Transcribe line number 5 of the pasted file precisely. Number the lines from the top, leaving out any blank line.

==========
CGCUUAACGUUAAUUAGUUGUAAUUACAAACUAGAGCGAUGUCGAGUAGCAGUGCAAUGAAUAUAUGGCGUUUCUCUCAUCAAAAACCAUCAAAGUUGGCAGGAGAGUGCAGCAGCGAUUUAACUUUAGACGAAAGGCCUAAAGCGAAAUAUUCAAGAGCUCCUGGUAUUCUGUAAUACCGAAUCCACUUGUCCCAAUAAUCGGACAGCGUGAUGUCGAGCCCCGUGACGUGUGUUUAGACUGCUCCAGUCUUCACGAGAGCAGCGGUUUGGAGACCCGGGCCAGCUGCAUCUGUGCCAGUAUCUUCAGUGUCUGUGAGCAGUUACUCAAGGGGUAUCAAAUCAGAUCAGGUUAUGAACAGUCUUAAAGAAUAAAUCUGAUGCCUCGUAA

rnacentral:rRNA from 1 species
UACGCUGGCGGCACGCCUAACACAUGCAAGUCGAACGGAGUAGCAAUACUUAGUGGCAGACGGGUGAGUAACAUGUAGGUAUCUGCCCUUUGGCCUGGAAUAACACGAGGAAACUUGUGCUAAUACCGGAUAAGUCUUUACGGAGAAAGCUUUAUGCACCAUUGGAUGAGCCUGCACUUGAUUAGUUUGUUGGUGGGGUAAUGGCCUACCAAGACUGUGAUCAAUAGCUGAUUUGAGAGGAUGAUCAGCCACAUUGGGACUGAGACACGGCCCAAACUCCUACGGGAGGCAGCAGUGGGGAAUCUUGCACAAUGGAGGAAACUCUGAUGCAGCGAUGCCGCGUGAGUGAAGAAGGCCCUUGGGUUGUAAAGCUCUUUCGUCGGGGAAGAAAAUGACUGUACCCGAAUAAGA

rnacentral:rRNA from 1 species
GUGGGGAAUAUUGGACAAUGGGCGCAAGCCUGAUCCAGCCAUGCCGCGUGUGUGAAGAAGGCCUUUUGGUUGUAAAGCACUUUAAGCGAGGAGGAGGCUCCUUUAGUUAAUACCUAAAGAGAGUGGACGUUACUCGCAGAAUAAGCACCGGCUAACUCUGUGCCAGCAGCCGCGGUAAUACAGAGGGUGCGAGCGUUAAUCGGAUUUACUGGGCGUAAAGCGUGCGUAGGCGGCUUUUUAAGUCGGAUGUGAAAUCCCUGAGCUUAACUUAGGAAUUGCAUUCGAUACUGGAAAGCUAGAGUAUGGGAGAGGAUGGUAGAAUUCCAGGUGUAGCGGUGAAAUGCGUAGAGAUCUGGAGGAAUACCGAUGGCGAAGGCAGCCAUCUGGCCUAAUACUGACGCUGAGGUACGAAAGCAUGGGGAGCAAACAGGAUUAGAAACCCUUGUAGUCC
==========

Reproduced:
GUGGGGAAUAUUGGACAAUGGGCGCAAGCCUGAUCCAGCCAUGCCGCGUGUGUGAAGAAGGCCUUUUGGUUGUAAAGCACUUUAAGCGAGGAGGAGGCUCCUUUAGUUAAUACCUAAAGAGAGUGGACGUUACUCGCAGAAUAAGCACCGGCUAACUCUGUGCCAGCAGCCGCGGUAAUACAGAGGGUGCGAGCGUUAAUCGGAUUUACUGGGCGUAAAGCGUGCGUAGGCGGCUUUUUAAGUCGGAUGUGAAAUCCCUGAGCUUAACUUAGGAAUUGCAUUCGAUACUGGAAAGCUAGAGUAUGGGAGAGGAUGGUAGAAUUCCAGGUGUAGCGGUGAAAUGCGUAGAGAUCUGGAGGAAUACCGAUGGCGAAGGCAGCCAUCUGGCCUAAUACUGACGCUGAGGUACGAAAGCAUGGGGAGCAAACAGGAUUAGAAACCCUUGUAGUCC